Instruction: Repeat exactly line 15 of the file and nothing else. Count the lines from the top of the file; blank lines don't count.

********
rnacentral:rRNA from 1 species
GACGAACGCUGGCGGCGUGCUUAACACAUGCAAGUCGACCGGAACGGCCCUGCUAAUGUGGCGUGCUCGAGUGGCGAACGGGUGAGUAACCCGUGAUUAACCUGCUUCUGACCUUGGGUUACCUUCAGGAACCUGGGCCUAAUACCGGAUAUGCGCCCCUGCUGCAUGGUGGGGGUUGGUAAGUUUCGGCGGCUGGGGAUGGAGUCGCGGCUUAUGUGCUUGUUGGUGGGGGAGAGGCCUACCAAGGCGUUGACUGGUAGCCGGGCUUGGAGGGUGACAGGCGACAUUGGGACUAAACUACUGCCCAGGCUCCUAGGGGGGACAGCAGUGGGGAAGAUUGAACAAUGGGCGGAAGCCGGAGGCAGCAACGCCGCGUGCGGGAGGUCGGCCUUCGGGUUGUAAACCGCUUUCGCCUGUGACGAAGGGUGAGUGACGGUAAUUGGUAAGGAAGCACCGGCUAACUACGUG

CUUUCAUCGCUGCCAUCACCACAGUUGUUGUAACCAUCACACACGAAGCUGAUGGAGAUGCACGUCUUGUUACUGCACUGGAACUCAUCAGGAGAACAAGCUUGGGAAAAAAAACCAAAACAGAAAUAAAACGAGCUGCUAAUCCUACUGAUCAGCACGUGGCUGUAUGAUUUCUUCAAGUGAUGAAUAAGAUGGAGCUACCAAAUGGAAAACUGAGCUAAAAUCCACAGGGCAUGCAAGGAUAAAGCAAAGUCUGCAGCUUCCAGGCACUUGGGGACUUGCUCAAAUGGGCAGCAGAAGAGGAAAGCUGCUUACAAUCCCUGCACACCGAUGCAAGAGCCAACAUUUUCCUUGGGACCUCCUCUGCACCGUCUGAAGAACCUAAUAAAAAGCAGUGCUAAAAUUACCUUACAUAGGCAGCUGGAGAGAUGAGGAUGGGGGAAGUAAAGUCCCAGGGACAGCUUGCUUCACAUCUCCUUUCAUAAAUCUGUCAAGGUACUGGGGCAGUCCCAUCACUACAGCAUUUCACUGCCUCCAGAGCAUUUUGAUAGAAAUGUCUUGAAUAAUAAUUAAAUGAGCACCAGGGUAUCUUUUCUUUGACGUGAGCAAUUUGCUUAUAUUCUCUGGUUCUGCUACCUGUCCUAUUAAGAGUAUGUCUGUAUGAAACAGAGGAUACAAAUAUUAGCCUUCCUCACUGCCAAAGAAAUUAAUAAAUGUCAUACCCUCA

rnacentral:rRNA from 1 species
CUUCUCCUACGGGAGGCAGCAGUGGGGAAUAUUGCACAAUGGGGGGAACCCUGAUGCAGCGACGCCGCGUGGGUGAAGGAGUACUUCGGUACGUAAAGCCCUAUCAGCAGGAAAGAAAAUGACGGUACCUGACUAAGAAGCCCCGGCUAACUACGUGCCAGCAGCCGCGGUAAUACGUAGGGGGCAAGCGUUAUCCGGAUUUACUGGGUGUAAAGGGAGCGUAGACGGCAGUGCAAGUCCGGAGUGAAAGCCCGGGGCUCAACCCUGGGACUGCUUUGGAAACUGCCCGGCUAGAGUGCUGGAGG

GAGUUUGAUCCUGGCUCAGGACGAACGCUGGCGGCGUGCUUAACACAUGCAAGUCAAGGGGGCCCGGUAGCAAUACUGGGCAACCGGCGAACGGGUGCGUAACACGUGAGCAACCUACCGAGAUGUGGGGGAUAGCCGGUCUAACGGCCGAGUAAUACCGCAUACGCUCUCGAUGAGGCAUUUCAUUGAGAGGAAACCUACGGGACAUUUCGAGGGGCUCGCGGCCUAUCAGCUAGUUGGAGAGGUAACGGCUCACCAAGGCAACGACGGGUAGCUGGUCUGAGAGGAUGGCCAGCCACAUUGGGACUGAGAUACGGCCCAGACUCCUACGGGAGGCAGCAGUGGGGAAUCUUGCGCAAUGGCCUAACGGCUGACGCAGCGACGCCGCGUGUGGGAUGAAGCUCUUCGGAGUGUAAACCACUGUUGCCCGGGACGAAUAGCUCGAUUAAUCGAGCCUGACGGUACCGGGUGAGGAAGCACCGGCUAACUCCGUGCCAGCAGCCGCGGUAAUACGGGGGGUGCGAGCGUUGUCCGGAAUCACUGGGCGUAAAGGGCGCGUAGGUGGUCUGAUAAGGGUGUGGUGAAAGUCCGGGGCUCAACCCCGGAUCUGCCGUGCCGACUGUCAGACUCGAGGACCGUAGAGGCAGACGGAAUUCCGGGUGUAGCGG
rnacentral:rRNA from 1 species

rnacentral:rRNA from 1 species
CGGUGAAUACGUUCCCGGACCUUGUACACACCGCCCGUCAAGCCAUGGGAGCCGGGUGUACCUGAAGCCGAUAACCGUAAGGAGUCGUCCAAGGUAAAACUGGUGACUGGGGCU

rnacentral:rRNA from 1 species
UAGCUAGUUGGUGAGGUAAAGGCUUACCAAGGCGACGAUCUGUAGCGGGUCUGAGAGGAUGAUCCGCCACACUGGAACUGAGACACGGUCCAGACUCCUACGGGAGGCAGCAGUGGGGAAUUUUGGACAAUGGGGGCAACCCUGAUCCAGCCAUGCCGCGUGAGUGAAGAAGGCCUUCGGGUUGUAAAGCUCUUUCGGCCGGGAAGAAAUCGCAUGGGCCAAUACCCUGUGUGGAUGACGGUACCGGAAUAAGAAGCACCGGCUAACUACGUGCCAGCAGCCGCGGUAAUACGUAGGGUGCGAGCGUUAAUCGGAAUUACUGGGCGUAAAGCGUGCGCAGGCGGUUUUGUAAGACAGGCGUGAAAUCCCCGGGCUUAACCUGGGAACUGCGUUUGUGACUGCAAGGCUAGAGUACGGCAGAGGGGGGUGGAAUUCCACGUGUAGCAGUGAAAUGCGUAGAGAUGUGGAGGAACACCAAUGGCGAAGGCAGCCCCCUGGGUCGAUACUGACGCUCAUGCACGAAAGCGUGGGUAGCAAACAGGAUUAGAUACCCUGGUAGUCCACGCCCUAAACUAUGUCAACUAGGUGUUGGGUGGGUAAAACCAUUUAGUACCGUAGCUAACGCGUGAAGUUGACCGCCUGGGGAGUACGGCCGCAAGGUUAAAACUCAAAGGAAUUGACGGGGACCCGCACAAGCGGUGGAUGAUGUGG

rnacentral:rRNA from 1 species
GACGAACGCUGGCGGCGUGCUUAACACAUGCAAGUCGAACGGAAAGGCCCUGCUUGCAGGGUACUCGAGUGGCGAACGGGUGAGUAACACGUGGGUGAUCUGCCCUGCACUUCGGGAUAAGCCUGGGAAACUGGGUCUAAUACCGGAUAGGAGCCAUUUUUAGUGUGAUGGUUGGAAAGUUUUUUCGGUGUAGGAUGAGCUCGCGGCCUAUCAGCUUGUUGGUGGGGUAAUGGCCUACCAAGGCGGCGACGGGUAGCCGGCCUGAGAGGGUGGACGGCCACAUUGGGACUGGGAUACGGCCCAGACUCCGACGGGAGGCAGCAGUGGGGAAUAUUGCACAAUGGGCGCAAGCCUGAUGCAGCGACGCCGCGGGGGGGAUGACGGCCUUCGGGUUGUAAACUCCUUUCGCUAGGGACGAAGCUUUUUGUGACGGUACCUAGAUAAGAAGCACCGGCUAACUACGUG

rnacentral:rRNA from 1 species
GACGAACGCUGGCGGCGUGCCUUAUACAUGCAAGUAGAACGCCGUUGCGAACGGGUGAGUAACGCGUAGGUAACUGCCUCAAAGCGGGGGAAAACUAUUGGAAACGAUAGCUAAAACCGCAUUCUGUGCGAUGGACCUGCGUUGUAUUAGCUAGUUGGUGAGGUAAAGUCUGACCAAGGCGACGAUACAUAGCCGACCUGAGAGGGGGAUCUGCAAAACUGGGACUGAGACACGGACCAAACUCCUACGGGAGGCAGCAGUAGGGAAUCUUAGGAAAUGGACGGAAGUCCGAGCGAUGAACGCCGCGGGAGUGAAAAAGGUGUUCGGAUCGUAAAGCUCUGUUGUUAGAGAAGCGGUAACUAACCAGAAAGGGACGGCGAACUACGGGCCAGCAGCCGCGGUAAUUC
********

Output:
GACGAACGCUGGCGGCGUGCCUUAUACAUGCAAGUAGAACGCCGUUGCGAACGGGUGAGUAACGCGUAGGUAACUGCCUCAAAGCGGGGGAAAACUAUUGGAAACGAUAGCUAAAACCGCAUUCUGUGCGAUGGACCUGCGUUGUAUUAGCUAGUUGGUGAGGUAAAGUCUGACCAAGGCGACGAUACAUAGCCGACCUGAGAGGGGGAUCUGCAAAACUGGGACUGAGACACGGACCAAACUCCUACGGGAGGCAGCAGUAGGGAAUCUUAGGAAAUGGACGGAAGUCCGAGCGAUGAACGCCGCGGGAGUGAAAAAGGUGUUCGGAUCGUAAAGCUCUGUUGUUAGAGAAGCGGUAACUAACCAGAAAGGGACGGCGAACUACGGGCCAGCAGCCGCGGUAAUUC